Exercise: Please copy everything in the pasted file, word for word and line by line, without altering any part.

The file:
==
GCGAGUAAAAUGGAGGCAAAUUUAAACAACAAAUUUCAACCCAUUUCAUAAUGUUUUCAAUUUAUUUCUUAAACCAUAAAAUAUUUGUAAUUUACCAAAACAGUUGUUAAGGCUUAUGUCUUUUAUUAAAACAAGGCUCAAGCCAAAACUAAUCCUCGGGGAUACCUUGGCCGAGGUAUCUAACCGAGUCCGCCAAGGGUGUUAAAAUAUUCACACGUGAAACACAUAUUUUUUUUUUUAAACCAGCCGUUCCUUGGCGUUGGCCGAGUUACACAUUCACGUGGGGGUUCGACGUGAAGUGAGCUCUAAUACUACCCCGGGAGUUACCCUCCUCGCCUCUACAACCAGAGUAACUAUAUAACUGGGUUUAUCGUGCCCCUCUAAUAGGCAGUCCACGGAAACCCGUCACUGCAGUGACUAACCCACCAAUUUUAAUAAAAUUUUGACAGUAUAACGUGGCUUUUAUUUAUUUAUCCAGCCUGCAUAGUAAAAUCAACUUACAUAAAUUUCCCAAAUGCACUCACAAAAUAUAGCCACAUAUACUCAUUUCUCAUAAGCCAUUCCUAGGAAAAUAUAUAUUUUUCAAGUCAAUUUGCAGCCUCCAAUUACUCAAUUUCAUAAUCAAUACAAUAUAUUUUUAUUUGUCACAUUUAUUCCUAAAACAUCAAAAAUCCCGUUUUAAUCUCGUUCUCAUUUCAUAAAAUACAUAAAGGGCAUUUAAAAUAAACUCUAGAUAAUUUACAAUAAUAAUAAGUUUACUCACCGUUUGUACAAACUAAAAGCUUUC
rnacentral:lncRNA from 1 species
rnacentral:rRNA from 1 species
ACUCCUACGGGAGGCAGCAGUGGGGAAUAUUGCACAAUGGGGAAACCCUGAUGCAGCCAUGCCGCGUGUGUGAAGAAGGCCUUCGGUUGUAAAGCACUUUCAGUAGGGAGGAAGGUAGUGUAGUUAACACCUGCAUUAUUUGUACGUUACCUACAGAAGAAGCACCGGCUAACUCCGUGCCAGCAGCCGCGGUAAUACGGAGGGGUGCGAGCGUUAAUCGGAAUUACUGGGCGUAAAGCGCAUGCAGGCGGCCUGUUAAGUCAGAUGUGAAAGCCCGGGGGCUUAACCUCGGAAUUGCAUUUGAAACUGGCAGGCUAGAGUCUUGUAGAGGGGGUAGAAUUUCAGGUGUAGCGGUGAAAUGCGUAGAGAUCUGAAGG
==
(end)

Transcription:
GCGAGUAAAAUGGAGGCAAAUUUAAACAACAAAUUUCAACCCAUUUCAUAAUGUUUUCAAUUUAUUUCUUAAACCAUAAAAUAUUUGUAAUUUACCAAAACAGUUGUUAAGGCUUAUGUCUUUUAUUAAAACAAGGCUCAAGCCAAAACUAAUCCUCGGGGAUACCUUGGCCGAGGUAUCUAACCGAGUCCGCCAAGGGUGUUAAAAUAUUCACACGUGAAACACAUAUUUUUUUUUUUAAACCAGCCGUUCCUUGGCGUUGGCCGAGUUACACAUUCACGUGGGGGUUCGACGUGAAGUGAGCUCUAAUACUACCCCGGGAGUUACCCUCCUCGCCUCUACAACCAGAGUAACUAUAUAACUGGGUUUAUCGUGCCCCUCUAAUAGGCAGUCCACGGAAACCCGUCACUGCAGUGACUAACCCACCAAUUUUAAUAAAAUUUUGACAGUAUAACGUGGCUUUUAUUUAUUUAUCCAGCCUGCAUAGUAAAAUCAACUUACAUAAAUUUCCCAAAUGCACUCACAAAAUAUAGCCACAUAUACUCAUUUCUCAUAAGCCAUUCCUAGGAAAAUAUAUAUUUUUCAAGUCAAUUUGCAGCCUCCAAUUACUCAAUUUCAUAAUCAAUACAAUAUAUUUUUAUUUGUCACAUUUAUUCCUAAAACAUCAAAAAUCCCGUUUUAAUCUCGUUCUCAUUUCAUAAAAUACAUAAAGGGCAUUUAAAAUAAACUCUAGAUAAUUUACAAUAAUAAUAAGUUUACUCACCGUUUGUACAAACUAAAAGCUUUC
rnacentral:lncRNA from 1 species
rnacentral:rRNA from 1 species
ACUCCUACGGGAGGCAGCAGUGGGGAAUAUUGCACAAUGGGGAAACCCUGAUGCAGCCAUGCCGCGUGUGUGAAGAAGGCCUUCGGUUGUAAAGCACUUUCAGUAGGGAGGAAGGUAGUGUAGUUAACACCUGCAUUAUUUGUACGUUACCUACAGAAGAAGCACCGGCUAACUCCGUGCCAGCAGCCGCGGUAAUACGGAGGGGUGCGAGCGUUAAUCGGAAUUACUGGGCGUAAAGCGCAUGCAGGCGGCCUGUUAAGUCAGAUGUGAAAGCCCGGGGGCUUAACCUCGGAAUUGCAUUUGAAACUGGCAGGCUAGAGUCUUGUAGAGGGGGUAGAAUUUCAGGUGUAGCGGUGAAAUGCGUAGAGAUCUGAAGG